Text Message a Day Keeps Doctor Away

Text Message a Day Keeps Doctor Away

The crossroads of public health and technology have produced many innovations, but probably none as simple or powerful as the humble text message, which spans the globe and improves health care in a variety of ways.

Is This Thing On?, or ITTO, is our Wednesday column showing how everyday people use technology in unexpected ways.

Smartphones’ prevalence and portability provide an effective public health vehicle for isolated and impoverished populations to decrease epidemics and promote overall good health. Current estimates reveal there now are over 5 billion mobile phone subscribers and over 70 percent of them reside in low- and middle-income countries, where many text-based health programs are being developed, and are gaining adoption in the U.S.

Text To Change, a non-profit organization in Africa, has been using mobile technology for health education since 2008. TTC uses text messages, or SMS, in its educational programs targeting health issues like HIV and AIDS, malaria, and reproductive health in Uganda, Kenya and Namibia.

TTC runs a six-week SMS-based quiz program, sending participants three questions per week. The quiz participants answer by sending a free text message, after which they receive the correct answer with additional information on the topic.

Detailed information on weekly quiz issues are also put up in a local newspaper and on the TTC website. At the end of the program, participants who answered correctly also have an opportunity to win prizes such as mobile phones and air time. The simple program has led to a 40 percent increase in people seeking free HIV testing.

Kenya’s improved malaria recovery rates also demonstrate the impact of text messages in the successful treatment of disease and chronic conditions.

The country’s six-month malaria program determined that participants who received varied text messages, both inspiring and informative, had a 25 percent improvement rate over programs that did not use texts to help treat the disease.

Being mindful is particularly crucial in treating malaria, since patients must complete a full dose of medication before they are disease-free. Failure to complete the course of treatment not only jeopardizes full recovery, but gives time for malaria parasites to adapt and become resistant to medication.

The Kenyan program highlights how text messages can serve as key, authoritative reminders for healthcare workers to keep treatment at the forefront of the participants’ thoughts when fighting malaria.

In Cambodia, the nation’s largest telecom provider Mobitel gives out free SIM cards and SMS as part of an open-source software program called “FrontlineSMS ,” which allows volunteers to send and receive malaria reports via text.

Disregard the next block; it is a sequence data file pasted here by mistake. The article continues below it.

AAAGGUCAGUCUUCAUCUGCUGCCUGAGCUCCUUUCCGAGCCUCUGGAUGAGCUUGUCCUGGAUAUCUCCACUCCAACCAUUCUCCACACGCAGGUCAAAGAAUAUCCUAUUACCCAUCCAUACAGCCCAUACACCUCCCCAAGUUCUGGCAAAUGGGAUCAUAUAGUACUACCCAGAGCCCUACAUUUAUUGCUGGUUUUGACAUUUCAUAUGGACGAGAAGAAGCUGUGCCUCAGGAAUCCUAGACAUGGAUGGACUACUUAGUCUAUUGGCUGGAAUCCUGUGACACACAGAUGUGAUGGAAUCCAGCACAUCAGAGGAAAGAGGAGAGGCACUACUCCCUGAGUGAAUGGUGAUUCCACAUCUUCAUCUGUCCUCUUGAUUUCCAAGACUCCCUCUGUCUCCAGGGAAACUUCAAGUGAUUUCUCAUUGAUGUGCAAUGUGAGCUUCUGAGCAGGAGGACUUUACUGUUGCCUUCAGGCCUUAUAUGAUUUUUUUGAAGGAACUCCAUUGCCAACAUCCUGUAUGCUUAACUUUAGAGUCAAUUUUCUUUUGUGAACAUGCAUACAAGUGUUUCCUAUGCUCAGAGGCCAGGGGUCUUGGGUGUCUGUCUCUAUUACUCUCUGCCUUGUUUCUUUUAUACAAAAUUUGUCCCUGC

The SMS data is sent to the Malaria Information and Alert System in the city of Phnom Penh and fed into a national database using Google Earth.

The volunteers’ text-messaged reports identify cases in real-time, which health care providers then monitor in an effort to combat and contain the disease, providing a more effective, coordinated response to the “big picture” view of the ground-level situation.

Before mobile phones were part of the program, it took a month before patient information arrived at the district health level. But the text message system helps volunteers and agencies more quickly and efficiently manage resources and response, aiming to eliminate malaria in the next 15 years.

These programs increasingly find an audience in developed nations like the U.S. as well, where over 85 percent of Americans own a cell phone and 72 percent of cell users send or receive text messages.

The National Healthy Mothers, Healthy Babies Coalition launched text4baby, the first free health text messaging service in the U.S. to help more pregnant women and new moms get information about giving their babies the best possible start in life.

Participants can register online or by typing the word “BABY” for English or “BEBE” for Spanish to 511411, entering the baby’s due date and zip code. Users then receive free messages with pregnancy tips and advice on how to care for a newborn, providing vaccination and other reminders.

Text4baby began nationally in February 2010, and more than 200,000 individuals now receive the regular updates.

The state of Illinois boasts 9,000 participants, and according to Sheila Sanders, project coordinator for the program with Illinois Maternal and Child Health Coalition, who negotiated with several mobile phone companies for free service. The program is available to moms, dad, and grandparents — anyone who expects to care for the baby in an effort to decrease infant and maternal mortality rates.

“Sometimes you don’t get everything you need at every (doctor’s) appointment,” said Saunders. “This information is designed to give you every tidbit of information you need to know.”

The use of text messages to combat health crises has several advantages: cost-effectiveness, scalability, convenience, broad reach, and widespread popularity around the world. In addition, all basic phones are able to receive SMS, and to overcome illiteracy barriers, agencies are currently making use of Interactive Voice Response services as well.

While much news in mobile health focuses on smartphone devices and apps, SMS use in health programs suggests that often a vital tool in any campaign is one that has been there all along — and can be cost-effective, informative, easily accessible, anonymous, and above all, life-saving.

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